The UK Intellectual Property Office (UKIPO) has approved an application by High Street optometrist Specsavers to trademark the phrase "should've".
Specsavers filed its application to trademark the common English language contraction, often used in its advertisements, on 18 July at the UKIPO, which has subsequently been upheld.
However, the company, headquartered in the Netherlands, will need to wait another two months for the mark to be formally registered, during which time third parties can raise objections.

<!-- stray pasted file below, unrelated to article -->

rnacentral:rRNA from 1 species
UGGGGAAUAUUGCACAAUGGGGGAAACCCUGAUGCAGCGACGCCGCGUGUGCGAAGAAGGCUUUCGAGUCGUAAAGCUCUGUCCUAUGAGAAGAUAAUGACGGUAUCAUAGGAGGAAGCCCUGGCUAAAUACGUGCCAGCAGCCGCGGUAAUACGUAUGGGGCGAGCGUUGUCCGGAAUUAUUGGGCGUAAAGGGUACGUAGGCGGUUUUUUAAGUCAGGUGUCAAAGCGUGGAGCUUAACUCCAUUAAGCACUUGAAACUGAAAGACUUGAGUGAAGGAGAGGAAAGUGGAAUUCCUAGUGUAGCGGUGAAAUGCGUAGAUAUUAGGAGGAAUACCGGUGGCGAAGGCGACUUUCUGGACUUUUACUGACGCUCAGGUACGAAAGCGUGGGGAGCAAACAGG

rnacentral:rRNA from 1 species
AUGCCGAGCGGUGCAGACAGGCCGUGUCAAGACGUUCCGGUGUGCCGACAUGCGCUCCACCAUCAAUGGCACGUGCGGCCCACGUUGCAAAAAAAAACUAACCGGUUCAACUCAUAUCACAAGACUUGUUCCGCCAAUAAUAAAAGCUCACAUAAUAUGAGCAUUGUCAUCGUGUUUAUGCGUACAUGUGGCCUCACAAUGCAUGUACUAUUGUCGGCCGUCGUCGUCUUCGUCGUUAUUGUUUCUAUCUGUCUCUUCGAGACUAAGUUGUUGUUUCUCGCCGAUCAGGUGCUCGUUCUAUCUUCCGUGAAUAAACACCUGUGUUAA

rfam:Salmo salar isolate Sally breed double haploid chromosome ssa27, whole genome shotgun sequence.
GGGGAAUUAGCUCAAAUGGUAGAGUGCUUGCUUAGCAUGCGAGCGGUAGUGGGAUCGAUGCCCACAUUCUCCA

Tania Clark, partner and trade mark attorney at Withers & Rogers, said: "It is surprising that the UKIPO has accepted this trade mark for a single word, which is a verb in common usage.
"While such registrations are not impossible to obtain – as this decision demonstrates – it means that the retailer could soon have the right to exclude others from using the word 'should've' or 'shouldve' when communicating about certain classes of goods, including optician services, medical hearing aids and eyewear."
Clark said such monopoly right could make life "extremely difficult" for rivals who may want to use the word in their own marketing messages in future.
Specsavers' move, while relatively uncommon, is not a first. In 1993, brewer Carlsberg secured a UK trademark for the word "probably".